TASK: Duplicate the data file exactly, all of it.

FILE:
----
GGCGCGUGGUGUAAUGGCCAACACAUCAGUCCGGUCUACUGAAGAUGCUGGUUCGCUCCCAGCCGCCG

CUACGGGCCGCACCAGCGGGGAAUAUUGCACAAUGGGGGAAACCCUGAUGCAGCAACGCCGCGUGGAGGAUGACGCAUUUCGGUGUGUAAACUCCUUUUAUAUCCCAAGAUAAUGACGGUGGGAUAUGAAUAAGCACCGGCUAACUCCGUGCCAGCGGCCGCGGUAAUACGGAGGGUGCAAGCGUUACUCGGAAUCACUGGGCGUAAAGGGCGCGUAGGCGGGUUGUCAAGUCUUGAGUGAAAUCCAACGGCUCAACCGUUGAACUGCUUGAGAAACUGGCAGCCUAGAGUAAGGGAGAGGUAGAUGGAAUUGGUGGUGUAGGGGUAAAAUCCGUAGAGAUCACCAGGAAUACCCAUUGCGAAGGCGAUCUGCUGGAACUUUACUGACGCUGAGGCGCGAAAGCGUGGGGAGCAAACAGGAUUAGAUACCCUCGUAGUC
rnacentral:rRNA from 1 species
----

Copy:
GGCGCGUGGUGUAAUGGCCAACACAUCAGUCCGGUCUACUGAAGAUGCUGGUUCGCUCCCAGCCGCCG

CUACGGGCCGCACCAGCGGGGAAUAUUGCACAAUGGGGGAAACCCUGAUGCAGCAACGCCGCGUGGAGGAUGACGCAUUUCGGUGUGUAAACUCCUUUUAUAUCCCAAGAUAAUGACGGUGGGAUAUGAAUAAGCACCGGCUAACUCCGUGCCAGCGGCCGCGGUAAUACGGAGGGUGCAAGCGUUACUCGGAAUCACUGGGCGUAAAGGGCGCGUAGGCGGGUUGUCAAGUCUUGAGUGAAAUCCAACGGCUCAACCGUUGAACUGCUUGAGAAACUGGCAGCCUAGAGUAAGGGAGAGGUAGAUGGAAUUGGUGGUGUAGGGGUAAAAUCCGUAGAGAUCACCAGGAAUACCCAUUGCGAAGGCGAUCUGCUGGAACUUUACUGACGCUGAGGCGCGAAAGCGUGGGGAGCAAACAGGAUUAGAUACCCUCGUAGUC
rnacentral:rRNA from 1 species